Over the past 12 months I’ve strived to be more minimal when it comes to our home and our ‘things’. One of the areas I sought to simplify was the children’s wardrobes. I’d reached the point where drawers were bursting and the simple task of choosing an outfit each day was proving tricky.
Part of the problem was my reluctance to accept each ‘growing out of’ stage. I’d keep onesies whose poppers would no longer stay popped shut and dresses with arm holes designed for a child 6 months younger than my roly poly pudding. I longed to hang on a little while longer to the age and stage that had inhabited these garments, and cling to the memories they were connected to.
In the end I decided to take control and slowly but surely I stripped away anything that could no longer be worn. I stored away clothes that were not suitable for the season we were in at the time, and gifted any clothes that hadn’t been used enough – often due to practical reasons like they made nappy changes awkward. Outgrown pieces were divided into piles – ones that deserved a new home and ones my heart was too attached to.
By the end of my sorting we were left with a modest but perfectly formed collection of clothes for each child that, importantly, could be reached with one hand whilst the other held a toddler on my hip. Pieces that were versatile, practical and beautiful seemed to reign over anything else.
Over the months that followed as each pair of of legs got longer and as holes started forming in the knees of trousers, I replenished their wardrobes with considered pieces that had the potential to be worn over and over. I looked for pieces that would work with other things in their wardrobe, ones that would provide comfort as much as look darling and ones that would withstand the wear and tear of my two lively children.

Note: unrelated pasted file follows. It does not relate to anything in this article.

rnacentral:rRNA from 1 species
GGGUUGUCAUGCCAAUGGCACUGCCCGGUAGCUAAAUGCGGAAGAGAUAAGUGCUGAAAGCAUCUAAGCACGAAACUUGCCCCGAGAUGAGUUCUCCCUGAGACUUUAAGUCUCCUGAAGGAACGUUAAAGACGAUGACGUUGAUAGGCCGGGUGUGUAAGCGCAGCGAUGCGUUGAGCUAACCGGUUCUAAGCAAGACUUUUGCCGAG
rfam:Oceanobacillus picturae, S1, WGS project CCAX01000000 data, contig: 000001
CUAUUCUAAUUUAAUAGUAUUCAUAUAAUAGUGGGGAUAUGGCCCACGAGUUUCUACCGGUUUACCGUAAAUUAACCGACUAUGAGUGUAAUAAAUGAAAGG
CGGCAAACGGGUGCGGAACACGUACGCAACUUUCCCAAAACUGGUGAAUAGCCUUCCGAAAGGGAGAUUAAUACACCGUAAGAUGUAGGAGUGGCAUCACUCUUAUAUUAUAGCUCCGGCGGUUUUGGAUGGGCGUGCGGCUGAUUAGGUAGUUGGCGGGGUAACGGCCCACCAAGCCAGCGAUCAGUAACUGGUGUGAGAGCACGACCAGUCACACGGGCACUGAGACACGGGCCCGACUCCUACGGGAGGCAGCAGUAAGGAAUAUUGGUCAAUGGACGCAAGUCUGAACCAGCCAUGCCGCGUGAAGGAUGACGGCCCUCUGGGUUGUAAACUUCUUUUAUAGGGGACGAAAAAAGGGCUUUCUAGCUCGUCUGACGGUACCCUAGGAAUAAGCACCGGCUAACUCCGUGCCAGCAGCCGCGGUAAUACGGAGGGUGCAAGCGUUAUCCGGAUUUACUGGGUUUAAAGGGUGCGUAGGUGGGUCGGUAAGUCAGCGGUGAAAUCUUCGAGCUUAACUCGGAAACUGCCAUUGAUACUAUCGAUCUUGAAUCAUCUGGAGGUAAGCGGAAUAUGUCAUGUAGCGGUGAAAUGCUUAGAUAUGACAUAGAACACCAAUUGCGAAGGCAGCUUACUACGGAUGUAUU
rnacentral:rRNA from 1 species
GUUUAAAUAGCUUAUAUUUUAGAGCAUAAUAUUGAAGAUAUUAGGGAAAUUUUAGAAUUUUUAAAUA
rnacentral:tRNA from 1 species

I recently added a couple of pairs of Coco And Wolf dungaree rompers to Indie’s wardrobe after getting to know founder, Amy through instagram. A life long love of Liberty prints sparked her inspiration for the brand and she started to source vintage fabrics to help build her first collection after struggling to find pretty, fuss free clothes for her daughter.
Her range is simple, playful and nothing short of genius to me. Dungarees, bloomers, bodysuits and rompers made from beautiful cotton, linen or liberty prints are designed by a mum who gets it. They’re made to be worn, well loved and played in. She’s struck the perfect balance of vintage with a modern cut, meaning the clothes are practical and contemporary as well as beautiful and nostalgic.
Indie has their bloomer dungarees, in grey and stripes, both of which go with everything in her wardrobe. They have sweet little details – decorative stitching, charming buttons and clever touches like elasticated seams in the sides to provide maximum comfort and space to grow with the child. I love that they will see her through spring and summer with bare legs and sandals and then well into autumn with ankle socks through to winter layered over woollen tights. The ethos of the brand is to create beautiful, contemporary, well made pieces that can be handed down through generations, I think Amy’s nailed it.
As well as her eye for children’s clothing, Amy and her friend Laura put their heads together to design a range of Children’s homewares, including bedding and nursery accessories. Their liberty print quilts are perfect for picnics and playing in the garden as much as they are for keeping babies cosy at night. They make beautiful heirloom pieces or thoughtful gifts for a friend expecting.
It’s good to be more disciplined about what we buy and bring into our home. I really value quality and versatility now as much as I do design and charm, all of which I think Coco & Wolf delivers in spades.
Indie wears Bloomer Dungarees
Betsy pillow cases with pink linen